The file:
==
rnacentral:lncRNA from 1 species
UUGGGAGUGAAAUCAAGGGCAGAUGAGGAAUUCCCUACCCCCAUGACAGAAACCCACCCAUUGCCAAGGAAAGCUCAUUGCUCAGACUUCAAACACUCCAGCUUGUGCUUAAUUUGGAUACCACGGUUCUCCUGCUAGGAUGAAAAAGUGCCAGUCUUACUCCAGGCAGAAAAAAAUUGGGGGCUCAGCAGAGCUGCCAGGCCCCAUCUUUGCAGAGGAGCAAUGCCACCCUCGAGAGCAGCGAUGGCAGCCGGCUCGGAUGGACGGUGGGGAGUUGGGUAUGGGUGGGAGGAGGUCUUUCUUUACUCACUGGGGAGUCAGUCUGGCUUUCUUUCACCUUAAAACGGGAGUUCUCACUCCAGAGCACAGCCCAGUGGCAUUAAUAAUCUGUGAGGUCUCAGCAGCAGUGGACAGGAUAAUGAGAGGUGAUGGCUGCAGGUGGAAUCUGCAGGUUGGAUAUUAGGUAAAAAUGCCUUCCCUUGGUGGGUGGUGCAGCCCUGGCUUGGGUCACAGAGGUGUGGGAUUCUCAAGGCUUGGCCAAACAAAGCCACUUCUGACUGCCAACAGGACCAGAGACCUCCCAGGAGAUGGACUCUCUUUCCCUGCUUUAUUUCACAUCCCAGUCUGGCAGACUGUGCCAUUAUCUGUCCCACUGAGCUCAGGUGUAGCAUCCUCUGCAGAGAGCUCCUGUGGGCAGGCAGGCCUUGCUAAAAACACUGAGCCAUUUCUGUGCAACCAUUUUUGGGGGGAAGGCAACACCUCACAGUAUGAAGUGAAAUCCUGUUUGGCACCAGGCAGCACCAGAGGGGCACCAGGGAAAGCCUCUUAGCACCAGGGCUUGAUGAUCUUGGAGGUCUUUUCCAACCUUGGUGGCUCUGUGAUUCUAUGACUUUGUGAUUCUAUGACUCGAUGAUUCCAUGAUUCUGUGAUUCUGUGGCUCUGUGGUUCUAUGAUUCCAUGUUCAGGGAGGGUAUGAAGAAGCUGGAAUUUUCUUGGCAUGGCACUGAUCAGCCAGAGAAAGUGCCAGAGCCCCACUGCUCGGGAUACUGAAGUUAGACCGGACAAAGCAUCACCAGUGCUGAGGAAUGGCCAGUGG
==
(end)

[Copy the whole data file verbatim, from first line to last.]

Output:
rnacentral:lncRNA from 1 species
UUGGGAGUGAAAUCAAGGGCAGAUGAGGAAUUCCCUACCCCCAUGACAGAAACCCACCCAUUGCCAAGGAAAGCUCAUUGCUCAGACUUCAAACACUCCAGCUUGUGCUUAAUUUGGAUACCACGGUUCUCCUGCUAGGAUGAAAAAGUGCCAGUCUUACUCCAGGCAGAAAAAAAUUGGGGGCUCAGCAGAGCUGCCAGGCCCCAUCUUUGCAGAGGAGCAAUGCCACCCUCGAGAGCAGCGAUGGCAGCCGGCUCGGAUGGACGGUGGGGAGUUGGGUAUGGGUGGGAGGAGGUCUUUCUUUACUCACUGGGGAGUCAGUCUGGCUUUCUUUCACCUUAAAACGGGAGUUCUCACUCCAGAGCACAGCCCAGUGGCAUUAAUAAUCUGUGAGGUCUCAGCAGCAGUGGACAGGAUAAUGAGAGGUGAUGGCUGCAGGUGGAAUCUGCAGGUUGGAUAUUAGGUAAAAAUGCCUUCCCUUGGUGGGUGGUGCAGCCCUGGCUUGGGUCACAGAGGUGUGGGAUUCUCAAGGCUUGGCCAAACAAAGCCACUUCUGACUGCCAACAGGACCAGAGACCUCCCAGGAGAUGGACUCUCUUUCCCUGCUUUAUUUCACAUCCCAGUCUGGCAGACUGUGCCAUUAUCUGUCCCACUGAGCUCAGGUGUAGCAUCCUCUGCAGAGAGCUCCUGUGGGCAGGCAGGCCUUGCUAAAAACACUGAGCCAUUUCUGUGCAACCAUUUUUGGGGGGAAGGCAACACCUCACAGUAUGAAGUGAAAUCCUGUUUGGCACCAGGCAGCACCAGAGGGGCACCAGGGAAAGCCUCUUAGCACCAGGGCUUGAUGAUCUUGGAGGUCUUUUCCAACCUUGGUGGCUCUGUGAUUCUAUGACUUUGUGAUUCUAUGACUCGAUGAUUCCAUGAUUCUGUGAUUCUGUGGCUCUGUGGUUCUAUGAUUCCAUGUUCAGGGAGGGUAUGAAGAAGCUGGAAUUUUCUUGGCAUGGCACUGAUCAGCCAGAGAAAGUGCCAGAGCCCCACUGCUCGGGAUACUGAAGUUAGACCGGACAAAGCAUCACCAGUGCUGAGGAAUGGCCAGUGG